Annabel did silence well, and I learned that if silence were my first course in our daily encounter, guilt would almost certainly be the second; liberally served, allowed to cool, before congealing into a suffocating, glutinous mess.
Her silence wasn’t really silent though. It involved plates smashing, carpet-sweepers banging, and the odd hissed expletive to send the dog scurrying under the kitchen table.
Since she left, there is a different kind of silence in the house; the gentle ticking of the clock, the occasional snore from the dog’s basket as he dozes peacefully, and the murmur of lawnmowers from neighbouring gardens; all things unheard before, as Annabel thundered silently about her business.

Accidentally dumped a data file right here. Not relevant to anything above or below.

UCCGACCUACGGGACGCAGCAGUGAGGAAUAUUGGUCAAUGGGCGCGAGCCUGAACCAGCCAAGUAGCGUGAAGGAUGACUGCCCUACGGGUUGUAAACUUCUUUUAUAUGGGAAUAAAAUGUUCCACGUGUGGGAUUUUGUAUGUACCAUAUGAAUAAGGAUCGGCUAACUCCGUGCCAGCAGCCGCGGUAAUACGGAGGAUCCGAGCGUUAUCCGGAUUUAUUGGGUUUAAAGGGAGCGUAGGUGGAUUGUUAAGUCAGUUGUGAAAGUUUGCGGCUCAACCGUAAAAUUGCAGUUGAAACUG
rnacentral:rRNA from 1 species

There is still the business of guilt to deal with, though that has been sublimated somewhat, blunted by the glorious peace of my daily existence.
It’s the dog who’s been my undoing of course; his exceptionally acute hearing convinced him that he could hear the silence under the cherry tree in our back yard. So much so he felt compelled to dig up the source of the noise, to check whether it was that which he’d imagined.
As indeed it was, much to the horror of my neighbours.
Sunday Photo Fiction invites short stories of up to 200 words in response to a photograph. This photograph reminded me of this story, which was published by Postcard Shorts a few years ago. A little judicious editing was necessary.